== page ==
80  Evolution cannot identify or anticipate the needs of an organism › Mutations do not occur because they would be adaptive in an environment › If beneficial mutations happen to occur by chance they may increase in frequency through selection

81  Evolution is not ladder-like › New species result from branching events › Evolutionary patterns are bush-like not ladder- like.

82  Evolution can also move from complex to simple › e.g. mitochondria evolved from free-living bacteria › Parasitic tapeworms do not possess a gut because they live attached to the intestines of their host and have no need to digest their own food. They just absorb predigested nutrients from their surroundings.

83  Evolution only works on inherited traits › Acquired changes are not passed to offspring. No matter how much you practice a musical instrument you cannot pass that ability on to your child.  Populations evolve; individuals do not › Evolution results from changes in allele frequencies that result from the success or failure of individuals to reproduce (e.g. as a result of natural selection or sexual selection)

84  Natural selection can only work with available variation › Constrained by physical limitations and development  Many traits involved in trade-offs › e.g. human brain size › Structures may have to perform multiple different tasks and cannot be equally good at all of them

85  Evolution selects traits that are beneficial for individuals or their genes › Traits that are bad for individuals (or genes) will not be selected even if they are good for the species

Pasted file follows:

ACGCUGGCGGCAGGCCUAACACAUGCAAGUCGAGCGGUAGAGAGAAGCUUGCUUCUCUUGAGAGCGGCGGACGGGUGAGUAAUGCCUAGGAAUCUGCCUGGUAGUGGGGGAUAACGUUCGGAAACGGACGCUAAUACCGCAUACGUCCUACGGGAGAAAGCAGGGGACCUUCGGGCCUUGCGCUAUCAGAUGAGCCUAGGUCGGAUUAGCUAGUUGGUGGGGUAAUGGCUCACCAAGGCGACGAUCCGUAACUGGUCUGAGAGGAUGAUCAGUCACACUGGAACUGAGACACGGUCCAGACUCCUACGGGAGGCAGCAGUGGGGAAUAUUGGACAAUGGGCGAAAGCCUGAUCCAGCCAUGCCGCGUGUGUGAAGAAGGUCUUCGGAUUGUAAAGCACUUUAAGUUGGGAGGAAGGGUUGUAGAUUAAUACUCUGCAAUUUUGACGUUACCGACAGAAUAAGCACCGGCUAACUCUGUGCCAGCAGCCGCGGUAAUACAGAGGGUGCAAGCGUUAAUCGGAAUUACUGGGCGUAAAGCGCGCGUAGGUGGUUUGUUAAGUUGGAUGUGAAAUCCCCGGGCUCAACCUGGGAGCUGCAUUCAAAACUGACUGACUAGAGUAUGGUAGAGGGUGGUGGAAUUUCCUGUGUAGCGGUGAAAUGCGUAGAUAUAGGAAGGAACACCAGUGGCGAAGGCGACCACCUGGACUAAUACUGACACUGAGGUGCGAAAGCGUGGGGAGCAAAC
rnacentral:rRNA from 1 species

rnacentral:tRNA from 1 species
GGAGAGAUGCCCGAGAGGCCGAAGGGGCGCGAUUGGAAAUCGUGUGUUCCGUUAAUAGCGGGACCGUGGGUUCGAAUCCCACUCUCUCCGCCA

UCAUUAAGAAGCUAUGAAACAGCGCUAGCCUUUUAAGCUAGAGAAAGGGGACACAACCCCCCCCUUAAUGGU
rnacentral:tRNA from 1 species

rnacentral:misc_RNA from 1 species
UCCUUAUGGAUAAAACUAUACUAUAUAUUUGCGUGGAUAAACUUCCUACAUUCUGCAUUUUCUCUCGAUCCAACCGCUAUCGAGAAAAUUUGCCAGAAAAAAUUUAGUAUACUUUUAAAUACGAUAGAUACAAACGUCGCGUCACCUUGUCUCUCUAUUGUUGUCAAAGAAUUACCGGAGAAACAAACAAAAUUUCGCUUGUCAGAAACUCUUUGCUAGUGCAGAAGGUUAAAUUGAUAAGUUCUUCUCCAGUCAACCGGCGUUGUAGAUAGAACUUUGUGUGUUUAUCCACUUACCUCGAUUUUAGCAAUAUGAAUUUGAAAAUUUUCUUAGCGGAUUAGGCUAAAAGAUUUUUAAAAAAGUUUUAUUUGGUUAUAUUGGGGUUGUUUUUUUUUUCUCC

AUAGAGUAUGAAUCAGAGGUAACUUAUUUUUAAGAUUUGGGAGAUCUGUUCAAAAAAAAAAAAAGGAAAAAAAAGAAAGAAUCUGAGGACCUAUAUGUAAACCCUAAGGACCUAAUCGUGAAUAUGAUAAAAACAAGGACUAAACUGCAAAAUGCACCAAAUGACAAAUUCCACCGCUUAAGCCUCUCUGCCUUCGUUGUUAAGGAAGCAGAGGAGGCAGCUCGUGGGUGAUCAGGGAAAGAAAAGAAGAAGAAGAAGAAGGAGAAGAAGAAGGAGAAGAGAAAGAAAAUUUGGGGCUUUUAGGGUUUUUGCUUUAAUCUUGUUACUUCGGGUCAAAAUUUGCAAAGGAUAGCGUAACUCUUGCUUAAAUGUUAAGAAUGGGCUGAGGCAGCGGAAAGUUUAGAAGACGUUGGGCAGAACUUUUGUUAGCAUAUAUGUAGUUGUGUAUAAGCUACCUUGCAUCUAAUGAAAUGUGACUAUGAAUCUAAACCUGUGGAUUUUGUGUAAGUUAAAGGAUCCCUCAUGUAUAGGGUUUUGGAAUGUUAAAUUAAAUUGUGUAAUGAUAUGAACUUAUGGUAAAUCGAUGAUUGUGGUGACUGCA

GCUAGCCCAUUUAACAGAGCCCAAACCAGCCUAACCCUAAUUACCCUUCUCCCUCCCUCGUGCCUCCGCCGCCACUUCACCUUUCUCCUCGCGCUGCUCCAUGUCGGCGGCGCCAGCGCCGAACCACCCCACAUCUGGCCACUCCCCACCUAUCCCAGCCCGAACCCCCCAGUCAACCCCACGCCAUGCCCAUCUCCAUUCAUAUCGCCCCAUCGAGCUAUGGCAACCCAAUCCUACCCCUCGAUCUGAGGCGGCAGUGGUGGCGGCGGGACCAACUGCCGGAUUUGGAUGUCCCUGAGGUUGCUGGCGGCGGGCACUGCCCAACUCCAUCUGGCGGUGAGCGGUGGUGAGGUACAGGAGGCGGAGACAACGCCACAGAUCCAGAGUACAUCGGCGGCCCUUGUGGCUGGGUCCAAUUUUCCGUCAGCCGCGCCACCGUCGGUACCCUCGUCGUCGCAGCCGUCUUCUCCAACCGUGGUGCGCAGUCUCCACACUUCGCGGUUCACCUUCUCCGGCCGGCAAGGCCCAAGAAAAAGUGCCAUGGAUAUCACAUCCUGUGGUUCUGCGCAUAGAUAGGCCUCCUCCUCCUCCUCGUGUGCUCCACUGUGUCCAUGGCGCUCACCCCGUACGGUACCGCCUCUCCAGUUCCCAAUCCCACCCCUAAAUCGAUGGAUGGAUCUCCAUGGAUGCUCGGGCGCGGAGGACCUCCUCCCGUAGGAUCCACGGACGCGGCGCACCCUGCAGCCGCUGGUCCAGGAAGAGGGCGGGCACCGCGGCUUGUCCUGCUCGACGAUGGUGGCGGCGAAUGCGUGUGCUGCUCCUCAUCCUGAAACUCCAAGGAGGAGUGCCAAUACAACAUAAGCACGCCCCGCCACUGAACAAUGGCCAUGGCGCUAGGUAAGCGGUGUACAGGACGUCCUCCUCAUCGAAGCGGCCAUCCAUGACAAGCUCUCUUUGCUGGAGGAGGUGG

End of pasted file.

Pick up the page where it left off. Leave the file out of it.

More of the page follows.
86  Natural selection favors traits that increase reproductive success › Different conditions select for different traits › Cooperative traits are beneficial under many conditions. › Cruelty is a human concept Nature is not cruel. Rather Nature is pitilessly indifferent.

87  Natural selection favors traits that increase reproductive success › Can result in overexploitation of resources, habitat destruction, the extinction of other species and many other non-harmonious outcomes.

88  All of life is adapted to the environment in numerous ways › Environments differ so the adaptations to succeed in different environments differ also. › One organism is not “superior” to another organism just because we think it’s simpler. For example, a jellyfish is beautifully adapted to the role of a floating sit-and-wait predator even though it has no brain. › Remember all living organisms are the product of many millions of years of evolution and it’s hard to improve them. That’s why most mutations are harmful.

89  Extinction means diversity is not stable › More than 99% of all species that have ever existed are extinct. › There has and always will be constant turnover in the diversity of life.